As the only surviving Buddhist monarchy in the Himalayas, Druk Yul's biological diversity and native habitat preservation are an ecological phenomenon. Seventy percent of the land is forested. More than 770 bird and 165 mammal species are found there, including an artist's palette of creatures such as the black-necked crane, snow leopard, golden langur, blue sheep, red panda and the bizarre brown takin. More than one-quarter of the country is protected as national parkland.
"Before 1974, we lived in total isolation,' the queen remembers, until Bhutan's royal government decided to gradually end its seclusion from the rest of the world. Even the villages themselves were insulated from each other. Most of the country was accessible only by footpath.
In 1979 she married the respected and beloved King Jigme Singye Wangchuck, who would later become internationally honored for his splendid developmental philosophy, "Gross National Happiness.' More precisely, she and her three lovely sisters married him. Collectively referred to as "Their Majesties the Queens,' none had time for leisure. There was much to be done. To remain sovereign, Bhutan needed to quickly and cautiously unlock its border to global relations and modernization.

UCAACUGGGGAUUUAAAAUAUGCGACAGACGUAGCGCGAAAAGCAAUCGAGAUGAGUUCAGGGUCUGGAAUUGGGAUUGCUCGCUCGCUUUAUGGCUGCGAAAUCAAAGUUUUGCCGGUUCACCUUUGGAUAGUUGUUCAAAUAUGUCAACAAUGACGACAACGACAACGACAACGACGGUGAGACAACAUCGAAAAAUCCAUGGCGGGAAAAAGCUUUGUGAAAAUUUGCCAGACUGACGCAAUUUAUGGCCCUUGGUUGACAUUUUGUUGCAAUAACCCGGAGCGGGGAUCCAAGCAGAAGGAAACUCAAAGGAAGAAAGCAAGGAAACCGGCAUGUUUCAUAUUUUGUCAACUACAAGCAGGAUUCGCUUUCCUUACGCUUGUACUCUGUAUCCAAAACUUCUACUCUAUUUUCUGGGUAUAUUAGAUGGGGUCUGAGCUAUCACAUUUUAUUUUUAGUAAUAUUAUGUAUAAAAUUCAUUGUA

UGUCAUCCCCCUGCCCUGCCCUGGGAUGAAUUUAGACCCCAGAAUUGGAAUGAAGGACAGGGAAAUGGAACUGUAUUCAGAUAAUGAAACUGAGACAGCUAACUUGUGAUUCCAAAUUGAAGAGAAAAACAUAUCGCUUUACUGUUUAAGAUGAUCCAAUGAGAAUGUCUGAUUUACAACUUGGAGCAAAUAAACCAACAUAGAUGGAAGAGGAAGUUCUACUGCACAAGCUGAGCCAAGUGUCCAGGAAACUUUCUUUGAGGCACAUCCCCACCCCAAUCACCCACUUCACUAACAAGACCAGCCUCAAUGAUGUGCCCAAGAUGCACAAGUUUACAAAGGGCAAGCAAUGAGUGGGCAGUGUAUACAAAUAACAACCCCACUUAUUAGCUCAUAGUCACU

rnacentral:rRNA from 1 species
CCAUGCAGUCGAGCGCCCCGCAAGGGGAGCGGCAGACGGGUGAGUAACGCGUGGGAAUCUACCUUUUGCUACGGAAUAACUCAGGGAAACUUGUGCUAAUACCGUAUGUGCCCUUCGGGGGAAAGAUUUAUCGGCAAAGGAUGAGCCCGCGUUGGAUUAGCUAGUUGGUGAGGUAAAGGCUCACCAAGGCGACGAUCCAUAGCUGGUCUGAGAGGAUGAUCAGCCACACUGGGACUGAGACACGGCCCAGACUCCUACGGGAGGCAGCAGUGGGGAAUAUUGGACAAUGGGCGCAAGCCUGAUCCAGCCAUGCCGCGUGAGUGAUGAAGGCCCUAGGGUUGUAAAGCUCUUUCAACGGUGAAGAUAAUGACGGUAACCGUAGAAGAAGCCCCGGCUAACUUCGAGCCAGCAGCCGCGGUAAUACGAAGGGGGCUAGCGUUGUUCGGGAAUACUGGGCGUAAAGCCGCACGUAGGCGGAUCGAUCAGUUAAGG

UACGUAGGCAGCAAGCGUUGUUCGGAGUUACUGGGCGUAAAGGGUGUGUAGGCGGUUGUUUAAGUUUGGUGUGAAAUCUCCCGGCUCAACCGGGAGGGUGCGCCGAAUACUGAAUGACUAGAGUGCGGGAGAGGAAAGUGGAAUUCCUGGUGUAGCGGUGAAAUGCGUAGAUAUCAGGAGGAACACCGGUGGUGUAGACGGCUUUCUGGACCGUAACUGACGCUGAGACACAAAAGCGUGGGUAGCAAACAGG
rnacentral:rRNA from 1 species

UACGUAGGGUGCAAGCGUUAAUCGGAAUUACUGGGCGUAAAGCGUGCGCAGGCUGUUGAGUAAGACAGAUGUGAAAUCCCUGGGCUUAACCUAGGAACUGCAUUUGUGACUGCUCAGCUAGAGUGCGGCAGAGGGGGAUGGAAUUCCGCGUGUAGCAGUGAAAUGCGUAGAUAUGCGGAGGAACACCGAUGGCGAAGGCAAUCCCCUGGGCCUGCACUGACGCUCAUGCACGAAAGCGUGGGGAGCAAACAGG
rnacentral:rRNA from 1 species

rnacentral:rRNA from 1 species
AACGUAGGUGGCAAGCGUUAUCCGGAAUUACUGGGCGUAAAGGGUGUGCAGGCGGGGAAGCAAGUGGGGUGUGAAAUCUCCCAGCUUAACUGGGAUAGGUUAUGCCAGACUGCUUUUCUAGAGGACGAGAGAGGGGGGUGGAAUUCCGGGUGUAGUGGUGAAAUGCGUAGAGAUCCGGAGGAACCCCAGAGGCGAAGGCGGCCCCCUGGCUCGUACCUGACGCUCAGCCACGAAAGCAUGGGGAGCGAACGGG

The Royal Trek Ashi Dorji Wangmo Wangchuck is the eldest queen. She knew one day she would visit the remote areas. "In the past I really did want to do it, but there were my children, and so many things to do. In the year 2000, I told myself, ŒIf you don't do it now, you'll never do it.' I knew if I didn't do the trek I wouldn't be able to live with myself.'
It wasn't easy. On the second day of the excursion she was so sore she could barely drag herself out of her tent. "There was no way I could call for a helicopter, but I did want to be carried by a stretcher or a horse.'